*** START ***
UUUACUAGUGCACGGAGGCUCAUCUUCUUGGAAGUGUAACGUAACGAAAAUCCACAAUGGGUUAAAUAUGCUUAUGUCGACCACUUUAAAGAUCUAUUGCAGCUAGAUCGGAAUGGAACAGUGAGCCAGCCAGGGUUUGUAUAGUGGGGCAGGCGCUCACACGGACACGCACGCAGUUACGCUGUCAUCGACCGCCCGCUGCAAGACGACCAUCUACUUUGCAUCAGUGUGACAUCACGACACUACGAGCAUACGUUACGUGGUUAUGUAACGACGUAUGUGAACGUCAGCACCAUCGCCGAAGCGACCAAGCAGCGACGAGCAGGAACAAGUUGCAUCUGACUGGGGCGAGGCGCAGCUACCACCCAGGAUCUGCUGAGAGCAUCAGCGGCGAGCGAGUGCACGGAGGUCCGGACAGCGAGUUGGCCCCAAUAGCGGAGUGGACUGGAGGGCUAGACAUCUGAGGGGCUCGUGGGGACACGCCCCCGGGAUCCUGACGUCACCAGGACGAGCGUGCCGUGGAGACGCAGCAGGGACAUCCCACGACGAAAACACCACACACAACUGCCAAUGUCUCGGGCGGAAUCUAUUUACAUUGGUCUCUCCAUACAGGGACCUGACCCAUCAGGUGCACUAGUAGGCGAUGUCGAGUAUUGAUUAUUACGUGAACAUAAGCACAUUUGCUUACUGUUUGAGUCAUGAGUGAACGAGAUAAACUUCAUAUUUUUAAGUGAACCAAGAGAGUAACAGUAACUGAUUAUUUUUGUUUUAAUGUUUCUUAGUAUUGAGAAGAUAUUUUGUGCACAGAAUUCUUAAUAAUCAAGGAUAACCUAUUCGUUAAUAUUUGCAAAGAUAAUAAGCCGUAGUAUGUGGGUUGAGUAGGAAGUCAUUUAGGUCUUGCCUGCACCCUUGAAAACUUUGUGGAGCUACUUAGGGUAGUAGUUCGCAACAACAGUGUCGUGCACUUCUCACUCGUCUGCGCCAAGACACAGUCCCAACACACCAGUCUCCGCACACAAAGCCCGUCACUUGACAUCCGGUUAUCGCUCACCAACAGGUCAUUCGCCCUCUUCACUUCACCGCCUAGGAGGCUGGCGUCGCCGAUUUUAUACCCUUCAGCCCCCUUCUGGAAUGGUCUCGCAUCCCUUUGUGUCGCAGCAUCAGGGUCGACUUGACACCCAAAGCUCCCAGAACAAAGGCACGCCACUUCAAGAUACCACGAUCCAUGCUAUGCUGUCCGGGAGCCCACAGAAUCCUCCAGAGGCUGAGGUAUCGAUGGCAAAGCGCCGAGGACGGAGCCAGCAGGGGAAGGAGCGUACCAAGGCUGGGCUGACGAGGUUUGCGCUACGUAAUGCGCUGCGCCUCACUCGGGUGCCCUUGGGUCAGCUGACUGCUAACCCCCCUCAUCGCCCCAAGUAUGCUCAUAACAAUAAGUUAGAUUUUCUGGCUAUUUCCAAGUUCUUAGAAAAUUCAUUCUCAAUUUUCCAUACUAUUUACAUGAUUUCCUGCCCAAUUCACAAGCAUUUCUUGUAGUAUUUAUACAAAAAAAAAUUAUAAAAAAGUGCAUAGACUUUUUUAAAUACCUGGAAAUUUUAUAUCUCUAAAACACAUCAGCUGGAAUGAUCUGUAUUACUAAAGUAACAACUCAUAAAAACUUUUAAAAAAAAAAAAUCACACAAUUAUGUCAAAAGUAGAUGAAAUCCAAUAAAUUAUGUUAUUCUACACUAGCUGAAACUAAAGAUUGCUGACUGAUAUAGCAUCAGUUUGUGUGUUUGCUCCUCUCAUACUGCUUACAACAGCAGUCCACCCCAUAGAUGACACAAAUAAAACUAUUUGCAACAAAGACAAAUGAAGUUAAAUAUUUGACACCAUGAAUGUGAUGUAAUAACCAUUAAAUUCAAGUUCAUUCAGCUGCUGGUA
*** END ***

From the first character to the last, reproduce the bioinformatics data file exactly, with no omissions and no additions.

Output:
UUUACUAGUGCACGGAGGCUCAUCUUCUUGGAAGUGUAACGUAACGAAAAUCCACAAUGGGUUAAAUAUGCUUAUGUCGACCACUUUAAAGAUCUAUUGCAGCUAGAUCGGAAUGGAACAGUGAGCCAGCCAGGGUUUGUAUAGUGGGGCAGGCGCUCACACGGACACGCACGCAGUUACGCUGUCAUCGACCGCCCGCUGCAAGACGACCAUCUACUUUGCAUCAGUGUGACAUCACGACACUACGAGCAUACGUUACGUGGUUAUGUAACGACGUAUGUGAACGUCAGCACCAUCGCCGAAGCGACCAAGCAGCGACGAGCAGGAACAAGUUGCAUCUGACUGGGGCGAGGCGCAGCUACCACCCAGGAUCUGCUGAGAGCAUCAGCGGCGAGCGAGUGCACGGAGGUCCGGACAGCGAGUUGGCCCCAAUAGCGGAGUGGACUGGAGGGCUAGACAUCUGAGGGGCUCGUGGGGACACGCCCCCGGGAUCCUGACGUCACCAGGACGAGCGUGCCGUGGAGACGCAGCAGGGACAUCCCACGACGAAAACACCACACACAACUGCCAAUGUCUCGGGCGGAAUCUAUUUACAUUGGUCUCUCCAUACAGGGACCUGACCCAUCAGGUGCACUAGUAGGCGAUGUCGAGUAUUGAUUAUUACGUGAACAUAAGCACAUUUGCUUACUGUUUGAGUCAUGAGUGAACGAGAUAAACUUCAUAUUUUUAAGUGAACCAAGAGAGUAACAGUAACUGAUUAUUUUUGUUUUAAUGUUUCUUAGUAUUGAGAAGAUAUUUUGUGCACAGAAUUCUUAAUAAUCAAGGAUAACCUAUUCGUUAAUAUUUGCAAAGAUAAUAAGCCGUAGUAUGUGGGUUGAGUAGGAAGUCAUUUAGGUCUUGCCUGCACCCUUGAAAACUUUGUGGAGCUACUUAGGGUAGUAGUUCGCAACAACAGUGUCGUGCACUUCUCACUCGUCUGCGCCAAGACACAGUCCCAACACACCAGUCUCCGCACACAAAGCCCGUCACUUGACAUCCGGUUAUCGCUCACCAACAGGUCAUUCGCCCUCUUCACUUCACCGCCUAGGAGGCUGGCGUCGCCGAUUUUAUACCCUUCAGCCCCCUUCUGGAAUGGUCUCGCAUCCCUUUGUGUCGCAGCAUCAGGGUCGACUUGACACCCAAAGCUCCCAGAACAAAGGCACGCCACUUCAAGAUACCACGAUCCAUGCUAUGCUGUCCGGGAGCCCACAGAAUCCUCCAGAGGCUGAGGUAUCGAUGGCAAAGCGCCGAGGACGGAGCCAGCAGGGGAAGGAGCGUACCAAGGCUGGGCUGACGAGGUUUGCGCUACGUAAUGCGCUGCGCCUCACUCGGGUGCCCUUGGGUCAGCUGACUGCUAACCCCCCUCAUCGCCCCAAGUAUGCUCAUAACAAUAAGUUAGAUUUUCUGGCUAUUUCCAAGUUCUUAGAAAAUUCAUUCUCAAUUUUCCAUACUAUUUACAUGAUUUCCUGCCCAAUUCACAAGCAUUUCUUGUAGUAUUUAUACAAAAAAAAAUUAUAAAAAAGUGCAUAGACUUUUUUAAAUACCUGGAAAUUUUAUAUCUCUAAAACACAUCAGCUGGAAUGAUCUGUAUUACUAAAGUAACAACUCAUAAAAACUUUUAAAAAAAAAAAAUCACACAAUUAUGUCAAAAGUAGAUGAAAUCCAAUAAAUUAUGUUAUUCUACACUAGCUGAAACUAAAGAUUGCUGACUGAUAUAGCAUCAGUUUGUGUGUUUGCUCCUCUCAUACUGCUUACAACAGCAGUCCACCCCAUAGAUGACACAAAUAAAACUAUUUGCAACAAAGACAAAUGAAGUUAAAUAUUUGACACCAUGAAUGUGAUGUAAUAACCAUUAAAUUCAAGUUCAUUCAGCUGCUGGUA